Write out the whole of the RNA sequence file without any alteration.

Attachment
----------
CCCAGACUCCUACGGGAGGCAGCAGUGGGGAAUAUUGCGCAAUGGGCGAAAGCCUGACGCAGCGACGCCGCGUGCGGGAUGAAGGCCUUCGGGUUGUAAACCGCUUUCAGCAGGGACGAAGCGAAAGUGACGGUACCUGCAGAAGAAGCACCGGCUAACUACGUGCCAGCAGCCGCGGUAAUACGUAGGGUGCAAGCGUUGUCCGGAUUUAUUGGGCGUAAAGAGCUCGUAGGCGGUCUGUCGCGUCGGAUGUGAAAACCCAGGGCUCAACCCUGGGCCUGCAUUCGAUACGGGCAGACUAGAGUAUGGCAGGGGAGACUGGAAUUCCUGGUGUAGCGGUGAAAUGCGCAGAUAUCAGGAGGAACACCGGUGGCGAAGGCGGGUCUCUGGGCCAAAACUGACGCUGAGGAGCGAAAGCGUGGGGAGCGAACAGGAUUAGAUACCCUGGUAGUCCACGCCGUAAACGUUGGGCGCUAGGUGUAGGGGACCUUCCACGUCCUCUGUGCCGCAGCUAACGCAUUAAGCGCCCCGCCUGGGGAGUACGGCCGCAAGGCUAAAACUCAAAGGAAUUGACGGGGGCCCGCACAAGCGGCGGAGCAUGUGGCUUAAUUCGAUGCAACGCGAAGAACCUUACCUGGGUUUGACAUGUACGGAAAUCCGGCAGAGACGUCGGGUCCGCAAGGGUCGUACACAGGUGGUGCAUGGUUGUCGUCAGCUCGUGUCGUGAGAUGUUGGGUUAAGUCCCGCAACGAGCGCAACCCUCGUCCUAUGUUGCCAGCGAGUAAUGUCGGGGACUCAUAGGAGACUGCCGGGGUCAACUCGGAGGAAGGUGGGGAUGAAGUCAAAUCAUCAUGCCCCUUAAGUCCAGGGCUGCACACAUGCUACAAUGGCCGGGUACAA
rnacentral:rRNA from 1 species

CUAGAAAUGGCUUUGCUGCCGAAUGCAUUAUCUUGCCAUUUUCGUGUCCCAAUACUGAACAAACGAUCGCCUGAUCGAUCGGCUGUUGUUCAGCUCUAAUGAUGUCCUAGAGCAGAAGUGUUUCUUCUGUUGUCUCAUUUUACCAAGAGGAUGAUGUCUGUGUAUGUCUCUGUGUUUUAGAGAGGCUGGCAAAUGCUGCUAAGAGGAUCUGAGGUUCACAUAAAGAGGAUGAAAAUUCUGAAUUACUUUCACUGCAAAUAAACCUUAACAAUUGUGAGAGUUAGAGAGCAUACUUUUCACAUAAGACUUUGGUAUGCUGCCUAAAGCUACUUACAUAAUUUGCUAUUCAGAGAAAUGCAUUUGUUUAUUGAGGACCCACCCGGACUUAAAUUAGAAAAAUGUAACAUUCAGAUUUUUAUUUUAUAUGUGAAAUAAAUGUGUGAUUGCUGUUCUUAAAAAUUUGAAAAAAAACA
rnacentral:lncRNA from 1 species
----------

CCCAGACUCCUACGGGAGGCAGCAGUGGGGAAUAUUGCGCAAUGGGCGAAAGCCUGACGCAGCGACGCCGCGUGCGGGAUGAAGGCCUUCGGGUUGUAAACCGCUUUCAGCAGGGACGAAGCGAAAGUGACGGUACCUGCAGAAGAAGCACCGGCUAACUACGUGCCAGCAGCCGCGGUAAUACGUAGGGUGCAAGCGUUGUCCGGAUUUAUUGGGCGUAAAGAGCUCGUAGGCGGUCUGUCGCGUCGGAUGUGAAAACCCAGGGCUCAACCCUGGGCCUGCAUUCGAUACGGGCAGACUAGAGUAUGGCAGGGGAGACUGGAAUUCCUGGUGUAGCGGUGAAAUGCGCAGAUAUCAGGAGGAACACCGGUGGCGAAGGCGGGUCUCUGGGCCAAAACUGACGCUGAGGAGCGAAAGCGUGGGGAGCGAACAGGAUUAGAUACCCUGGUAGUCCACGCCGUAAACGUUGGGCGCUAGGUGUAGGGGACCUUCCACGUCCUCUGUGCCGCAGCUAACGCAUUAAGCGCCCCGCCUGGGGAGUACGGCCGCAAGGCUAAAACUCAAAGGAAUUGACGGGGGCCCGCACAAGCGGCGGAGCAUGUGGCUUAAUUCGAUGCAACGCGAAGAACCUUACCUGGGUUUGACAUGUACGGAAAUCCGGCAGAGACGUCGGGUCCGCAAGGGUCGUACACAGGUGGUGCAUGGUUGUCGUCAGCUCGUGUCGUGAGAUGUUGGGUUAAGUCCCGCAACGAGCGCAACCCUCGUCCUAUGUUGCCAGCGAGUAAUGUCGGGGACUCAUAGGAGACUGCCGGGGUCAACUCGGAGGAAGGUGGGGAUGAAGUCAAAUCAUCAUGCCCCUUAAGUCCAGGGCUGCACACAUGCUACAAUGGCCGGGUACAA
rnacentral:rRNA from 1 species

CUAGAAAUGGCUUUGCUGCCGAAUGCAUUAUCUUGCCAUUUUCGUGUCCCAAUACUGAACAAACGAUCGCCUGAUCGAUCGGCUGUUGUUCAGCUCUAAUGAUGUCCUAGAGCAGAAGUGUUUCUUCUGUUGUCUCAUUUUACCAAGAGGAUGAUGUCUGUGUAUGUCUCUGUGUUUUAGAGAGGCUGGCAAAUGCUGCUAAGAGGAUCUGAGGUUCACAUAAAGAGGAUGAAAAUUCUGAAUUACUUUCACUGCAAAUAAACCUUAACAAUUGUGAGAGUUAGAGAGCAUACUUUUCACAUAAGACUUUGGUAUGCUGCCUAAAGCUACUUACAUAAUUUGCUAUUCAGAGAAAUGCAUUUGUUUAUUGAGGACCCACCCGGACUUAAAUUAGAAAAAUGUAACAUUCAGAUUUUUAUUUUAUAUGUGAAAUAAAUGUGUGAUUGCUGUUCUUAAAAAUUUGAAAAAAAACA
rnacentral:lncRNA from 1 species